Ryu Fujisaki is penning a new manga adaptation of Legend of The Galactic Heroes, which I’ve talked about recently, so it feels apt to cast the spotlight on his most prominent previous work: the quirky, epic, and rather underappreciated Hoshin Engi.
A funky re-imagining of classic Chinese novel Fengshen Yanyi, the 23-volume manga (also partially adapted into anime) immediately stands out among the same-y shounen action series in its era, thanks to the Chinese-inspired setting, heavy doses of political intrigue, and a humongous cast that’s well-utilized for the most part. That cast does have a few important human characters in it, but it’s the sennin and doushi (aboveland residents and superior human, other living beings, and even physical objects who have ascended to higher plane of existence) who make up the composition by far. The crux of the narrative itself is the Hoshin Project: a master plan to stop evil temptress Dakki, a youkai sennin, who have ruined the ruling In dynasty through sexual enslavement of its emperor.
Taikoubou, the main character and the man tasked to carry out the Hoshin Project, might be the most interesting element of the series. ‘Bou is much more of a tactician instead of a fighter, one that relies on stratagem and cunning maneuvers instead of punch-the-enemies-harder-than-they-punch-you brute force. His lazy and oftentimes shameless mannerism is a far departure from your typical noble and hot-blooded shounen action leads, but that’s also what makes him uniquely appealing. It’s still very easy to like Taikoubou for his remarkable tactical nous, genuine moral compass beneath the deceptively uncaring facade, and the fact that he always plays underdog (even his own allies constantly doubt his capacity!).
Put it another way, there’s a definitely a shade of Galactic Heroes’ Yang Wenli in Taikoubou, and it’s a protagonist type that we don’t get to see often enough.
As a byproduct of Taikoubou’s nature, many battles and confrontations in Hoshin Engi are comparatively more cerebral than your typical Shounen Jump series. There’s still a high amount of SJ-esque flashy weapons and abilities, power-ups, and gauntlet of battles, but in the big scheme of things, it’s about outwitting rather than overpowering the opposition. I especially enjoy the ones where Taikoubou gets incapacitated early (this happens pretty often…) but still manage to pull off a victory by pulling the strings through his allies. Once in a while, we also get re-enactment of classic army tactic as pictured above.
Besides Chinese history and mythology, Fujisaki’s also a fan of Yoshiki Tanaka novels, and it shows in the nature of conflict and world-building in Hoshin Engi. The first four volumes of Hoshin Engi might be the most dense opening of a shounen manga that I’ve ever read; dozens of characters are introduced, factions are established right and left, and the scale of the conflict as well as the sheer monstrosity of the main villainess are underlined right away. There are shades of grey, a whole gamut of alignment in terms of characters’ motivation and philosophy, and no simple solution to the problem—as Taikoubou discovers quickly and very painfully by the end of second volume.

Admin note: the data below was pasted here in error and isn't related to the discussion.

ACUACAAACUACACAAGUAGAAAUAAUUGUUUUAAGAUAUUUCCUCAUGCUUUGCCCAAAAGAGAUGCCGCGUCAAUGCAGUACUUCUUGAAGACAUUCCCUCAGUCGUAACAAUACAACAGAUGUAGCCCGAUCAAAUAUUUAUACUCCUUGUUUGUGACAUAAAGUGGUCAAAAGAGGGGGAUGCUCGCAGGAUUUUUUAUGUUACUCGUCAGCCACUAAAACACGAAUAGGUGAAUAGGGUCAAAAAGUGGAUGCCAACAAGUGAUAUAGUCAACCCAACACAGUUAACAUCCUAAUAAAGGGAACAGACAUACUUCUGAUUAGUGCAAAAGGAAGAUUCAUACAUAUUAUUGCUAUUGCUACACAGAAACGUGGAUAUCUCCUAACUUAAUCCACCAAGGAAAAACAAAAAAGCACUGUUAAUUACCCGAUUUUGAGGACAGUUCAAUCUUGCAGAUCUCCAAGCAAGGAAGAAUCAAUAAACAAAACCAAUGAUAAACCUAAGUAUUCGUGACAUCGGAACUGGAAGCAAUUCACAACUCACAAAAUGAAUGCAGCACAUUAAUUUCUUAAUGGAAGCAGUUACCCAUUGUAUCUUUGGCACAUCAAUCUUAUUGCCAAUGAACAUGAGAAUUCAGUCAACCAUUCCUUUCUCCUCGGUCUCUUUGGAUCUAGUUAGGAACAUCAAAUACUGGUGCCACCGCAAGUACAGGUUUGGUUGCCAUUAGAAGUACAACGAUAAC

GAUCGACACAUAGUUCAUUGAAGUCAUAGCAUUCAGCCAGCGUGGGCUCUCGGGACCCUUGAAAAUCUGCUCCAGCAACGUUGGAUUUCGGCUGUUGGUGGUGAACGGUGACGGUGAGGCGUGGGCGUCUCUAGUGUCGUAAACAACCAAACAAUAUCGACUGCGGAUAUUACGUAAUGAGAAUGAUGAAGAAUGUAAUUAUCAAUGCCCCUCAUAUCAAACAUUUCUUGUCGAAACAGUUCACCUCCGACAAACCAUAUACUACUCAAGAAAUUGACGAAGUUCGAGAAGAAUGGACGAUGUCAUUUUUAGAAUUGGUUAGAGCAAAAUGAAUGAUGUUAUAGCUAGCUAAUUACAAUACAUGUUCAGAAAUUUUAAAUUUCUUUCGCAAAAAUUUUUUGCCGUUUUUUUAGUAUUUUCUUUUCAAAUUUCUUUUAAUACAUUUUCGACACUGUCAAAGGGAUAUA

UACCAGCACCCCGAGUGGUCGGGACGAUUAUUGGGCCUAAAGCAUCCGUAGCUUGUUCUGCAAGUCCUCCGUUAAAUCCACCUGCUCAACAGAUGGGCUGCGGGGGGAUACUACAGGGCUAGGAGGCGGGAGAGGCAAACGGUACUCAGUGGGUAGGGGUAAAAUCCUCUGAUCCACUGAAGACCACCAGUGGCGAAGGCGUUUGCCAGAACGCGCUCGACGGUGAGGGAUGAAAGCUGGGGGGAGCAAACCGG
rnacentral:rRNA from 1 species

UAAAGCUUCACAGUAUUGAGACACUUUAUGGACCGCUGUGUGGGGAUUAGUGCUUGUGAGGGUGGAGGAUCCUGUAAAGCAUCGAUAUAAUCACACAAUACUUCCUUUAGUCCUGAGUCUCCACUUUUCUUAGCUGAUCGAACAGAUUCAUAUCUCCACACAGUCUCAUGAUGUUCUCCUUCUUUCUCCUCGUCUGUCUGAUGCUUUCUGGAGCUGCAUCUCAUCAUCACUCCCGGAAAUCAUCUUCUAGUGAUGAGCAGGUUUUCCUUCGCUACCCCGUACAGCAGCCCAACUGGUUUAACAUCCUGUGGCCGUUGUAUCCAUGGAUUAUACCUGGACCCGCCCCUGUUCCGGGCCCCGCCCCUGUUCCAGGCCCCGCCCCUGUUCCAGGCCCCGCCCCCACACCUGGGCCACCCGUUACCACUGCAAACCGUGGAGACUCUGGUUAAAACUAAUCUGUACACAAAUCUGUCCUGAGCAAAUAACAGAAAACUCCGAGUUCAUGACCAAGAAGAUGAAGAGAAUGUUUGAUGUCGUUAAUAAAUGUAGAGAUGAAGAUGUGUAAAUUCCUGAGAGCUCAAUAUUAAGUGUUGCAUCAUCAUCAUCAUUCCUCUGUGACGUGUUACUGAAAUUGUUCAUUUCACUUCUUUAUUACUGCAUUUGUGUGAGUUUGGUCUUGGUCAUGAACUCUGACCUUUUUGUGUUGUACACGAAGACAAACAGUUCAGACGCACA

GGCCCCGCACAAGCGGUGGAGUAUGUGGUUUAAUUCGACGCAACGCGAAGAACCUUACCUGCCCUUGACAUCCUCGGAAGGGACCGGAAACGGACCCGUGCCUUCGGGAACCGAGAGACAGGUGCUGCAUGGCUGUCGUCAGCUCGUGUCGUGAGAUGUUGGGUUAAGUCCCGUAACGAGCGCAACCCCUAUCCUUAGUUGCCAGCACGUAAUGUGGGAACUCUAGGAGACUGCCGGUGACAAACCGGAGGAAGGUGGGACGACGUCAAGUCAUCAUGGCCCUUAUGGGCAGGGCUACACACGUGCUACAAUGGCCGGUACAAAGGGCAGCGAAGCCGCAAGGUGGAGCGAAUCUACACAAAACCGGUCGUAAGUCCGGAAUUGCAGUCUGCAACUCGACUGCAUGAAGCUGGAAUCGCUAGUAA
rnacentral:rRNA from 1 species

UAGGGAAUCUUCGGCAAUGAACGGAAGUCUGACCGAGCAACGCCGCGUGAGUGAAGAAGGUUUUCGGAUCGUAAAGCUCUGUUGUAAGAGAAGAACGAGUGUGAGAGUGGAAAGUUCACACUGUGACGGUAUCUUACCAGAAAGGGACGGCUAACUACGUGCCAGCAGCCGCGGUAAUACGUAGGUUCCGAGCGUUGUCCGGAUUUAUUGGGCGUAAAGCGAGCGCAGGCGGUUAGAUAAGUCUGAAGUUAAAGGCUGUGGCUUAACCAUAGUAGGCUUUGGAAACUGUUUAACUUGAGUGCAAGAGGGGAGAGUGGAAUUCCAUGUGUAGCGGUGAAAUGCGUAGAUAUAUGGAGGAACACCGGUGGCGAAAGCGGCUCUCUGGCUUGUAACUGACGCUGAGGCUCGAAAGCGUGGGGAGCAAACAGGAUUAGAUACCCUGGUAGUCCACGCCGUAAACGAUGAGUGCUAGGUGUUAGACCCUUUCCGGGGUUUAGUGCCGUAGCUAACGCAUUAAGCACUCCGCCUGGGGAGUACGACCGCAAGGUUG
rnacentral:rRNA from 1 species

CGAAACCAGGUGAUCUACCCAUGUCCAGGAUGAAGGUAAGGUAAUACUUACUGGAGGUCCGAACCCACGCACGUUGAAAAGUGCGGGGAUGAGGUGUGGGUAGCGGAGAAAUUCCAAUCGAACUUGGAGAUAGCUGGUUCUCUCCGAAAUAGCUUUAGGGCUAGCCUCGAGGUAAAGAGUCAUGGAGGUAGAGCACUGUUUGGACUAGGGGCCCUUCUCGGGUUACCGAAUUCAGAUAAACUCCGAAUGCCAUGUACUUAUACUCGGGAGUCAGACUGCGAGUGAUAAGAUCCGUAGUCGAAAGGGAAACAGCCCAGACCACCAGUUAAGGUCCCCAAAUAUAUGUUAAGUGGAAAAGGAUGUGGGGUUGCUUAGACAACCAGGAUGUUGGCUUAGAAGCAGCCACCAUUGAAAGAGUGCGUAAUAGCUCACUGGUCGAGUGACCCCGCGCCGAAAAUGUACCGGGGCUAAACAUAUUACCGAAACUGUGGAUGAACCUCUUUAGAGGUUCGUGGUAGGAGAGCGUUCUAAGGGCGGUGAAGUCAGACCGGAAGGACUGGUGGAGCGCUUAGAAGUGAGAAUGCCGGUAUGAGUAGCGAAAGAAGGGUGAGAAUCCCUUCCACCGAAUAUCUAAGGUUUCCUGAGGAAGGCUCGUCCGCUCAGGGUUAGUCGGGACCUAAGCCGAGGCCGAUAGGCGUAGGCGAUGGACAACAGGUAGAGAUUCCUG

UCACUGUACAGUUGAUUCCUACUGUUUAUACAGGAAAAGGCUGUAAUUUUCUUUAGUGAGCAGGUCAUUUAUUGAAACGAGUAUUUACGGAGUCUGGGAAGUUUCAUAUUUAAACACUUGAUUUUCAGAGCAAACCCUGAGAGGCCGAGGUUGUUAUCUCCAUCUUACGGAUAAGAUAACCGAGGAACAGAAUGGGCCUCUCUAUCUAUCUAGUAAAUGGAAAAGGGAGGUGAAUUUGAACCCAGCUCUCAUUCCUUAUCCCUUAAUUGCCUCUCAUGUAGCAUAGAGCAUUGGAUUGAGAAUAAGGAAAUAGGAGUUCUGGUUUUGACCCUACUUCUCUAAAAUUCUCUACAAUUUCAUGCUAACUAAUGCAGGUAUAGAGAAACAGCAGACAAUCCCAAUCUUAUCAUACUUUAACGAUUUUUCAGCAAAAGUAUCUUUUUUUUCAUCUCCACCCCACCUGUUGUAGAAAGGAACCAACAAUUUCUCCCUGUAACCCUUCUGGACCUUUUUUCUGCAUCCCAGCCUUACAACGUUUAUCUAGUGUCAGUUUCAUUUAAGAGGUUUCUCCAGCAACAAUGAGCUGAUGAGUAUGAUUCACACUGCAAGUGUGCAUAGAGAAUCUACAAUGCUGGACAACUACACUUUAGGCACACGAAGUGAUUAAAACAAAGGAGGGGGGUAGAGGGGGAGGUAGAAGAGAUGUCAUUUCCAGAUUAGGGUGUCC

Another thing that stands out from Fujisaki’s writing is his sense of humor, which oftentimes get aggressively zany. Characters constantly flip out, taking the piss out of each other, and pull wacky faces, in a story with body count on the vicinity of millions (as well as sizable amount of named characters, naturally), no less. One of my favorite gags is when a Mid-Boss type character, convinced that he had vanquished the main character, literally pulls out the credit screen and introduces the new comic that’d replace Hoshin Engi’s Shounen Jump slot—followed by Fujisaki drawing several pages of this intentionally horrible ‘new series’ .
The comedic sensibility also extends to the artwork, particularly the character design. While most of the major male characters are drawn in bishounen style, there’s also a bunch of oddball design in the cast, as well as extremely questionable fashion sense in general. Oversized gloves, boots, and headwear are the norms, as the characters prance around looking like literal clowns and sporting the kind of outfit that’d make Russell Westbrook blushes.
I mean, look at this guy, who’s supposed to be one of the scariest and most powerful characters in the series:
It’s not to say that the manga doesn’t take itself seriously when it needs to, it’s just that the tonal shift could come fast and hard. A character may spend entire chapter goofing around only to be snuffed quickly by the end of it, or you may have a zany cooking show that later reveals its use of a certain character in the recipe and whose meat is then served as hamburger to the poor dude’s incarcerated father. It could get a bit jarring, but it’s a good thing that Fujisaki generally pulls the gut punches as well as he does his gags. There’s something to be said when most of your cast are natural dorks and goof-offs; it humanizes them a lot, and makes it even more painful when they meet their end.
Hoshin Engi makes it clear pretty fast that it’s heading to a more complex direction than just ‘defeat the evil fox lady’. It becomes a full-blown war eventually, where alliances and power dynamics shift, sacrifices are made, and twists and turns happen. I think it doesn’t end as strongly as it begins, mainly because the later volumes’ shift toward big twists and big fights over geopolitical intrigue and build-up, but it’s still a solid series with many distinct elements. Definitely one shounen series that I’d always remember with a fond note.